On the other hand, I felt myself slightly disappointed by Kanayamachi, a historical street about 20 minutes by foot north of Takaoka Station. It was beautiful enough, of course, and I had a nice meal along it. The thing was, it really did pale in comparison to similar streets elsewhere even Japan, and even down the Shinkansen line in Kanazawa. I’m sad to say that this is not one of the places I felt made Takaoka worth visiting.
I’m listing the first place I ever saw in Takaoka last in this guide. And not because it’s bad, although there is a chance you won’t be able to appreciate the fullness of its view due to pollution, which was what happened to me. Rather, it’s possible that you’ll come here not in conjunction with a city trip in Takaoka, but at the conclusion of a Noto Peninsula road trip.
So, Is Takaoka Worth a Visit?
Takaoka is definitely worth a visit if you’re already planning to be in Japan’s Hokuriku region. It’s close enough to both Toyama and Kanazawa to be a day trip from both, and small enough that you really only need half a day to see everything. A relatively quick visit is even feasibly if you’re in Nagano, which is about halfway between Tokyo and Kanazawa on the Shinkansen line.
Takaoka might not be worth visiting, on the other hand, if you’re coming all the way from Tokyo—at least, if you’re not combining it with something else in the area, be it a visit to Kanazawa-area attractions like Kenroku-en garden and the Higashi-chaya district, or the Toyama Glass Art Museum. Things to do in Takaoka punch pretty far above the city’s weight, but not far enough to justify traveling more than an hour or so to get there.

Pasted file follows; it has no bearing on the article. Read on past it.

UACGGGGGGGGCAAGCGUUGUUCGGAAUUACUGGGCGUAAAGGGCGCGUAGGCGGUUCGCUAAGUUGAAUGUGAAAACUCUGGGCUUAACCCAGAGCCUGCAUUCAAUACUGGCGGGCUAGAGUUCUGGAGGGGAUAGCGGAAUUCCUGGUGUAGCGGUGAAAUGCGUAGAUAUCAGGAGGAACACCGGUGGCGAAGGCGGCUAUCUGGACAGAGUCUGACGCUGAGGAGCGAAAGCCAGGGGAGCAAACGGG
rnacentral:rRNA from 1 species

Other FAQ About Visiting Takaoka
What is Takaoka city famous for?
Takaoka city is famous among anime fans for being home to Doraemon, and among tourists for sights like Zuiryu-ji temple and the Amaharashi Coast. Overall, however, Takaoka just isn’t that famous. So, if you didn’t know much about it before reading this post, don’t feel ashamed.
What to do in Shin-Takaoka?
With the exception of Zuiryu-ji temple (which sits roughly halfway between Shin-Takaoka Station and Takaoka Station), most of what there is to do in Takaoka City is close to JR Takaoka Station than it is to Shin-Takaoka. If it’s a nice day, you can walk—it’s very flat—otherwise ride the JR Johana Line between the two stations, or use Google Maps to see when the next bus is coming.
What prefecture is Takaoka in?
Takaoka City is in Toyama prefecture, which is part of Japan’s Hokuriku region. Notably, it is not in Ishikawa prefecture (the one that includes Kanazawa), although it is just 15 minutes from Kanazawa via bullet train, so it might as well be.
The Bottom Line
Is Takaoka worth visiting? Yes—especially if you don’t have the same baseless expectations for the city as I did. While I might not stay there overnight, Takaoka is an awesome day trip from Kanazawa or Toyama, or a great place to stop on your way between the two. It’s got everything, from plenty of temples and shrines, to captivating historical districts, to an anime tie-in—it’s the home of Doraemon! Want to visit Takaoka, but aren’t sure how best to integrate things to do in Takaoka into your trip? Commission a custom Japan itinerary, and let me take care of all the logistical details in Takaoka and beyond.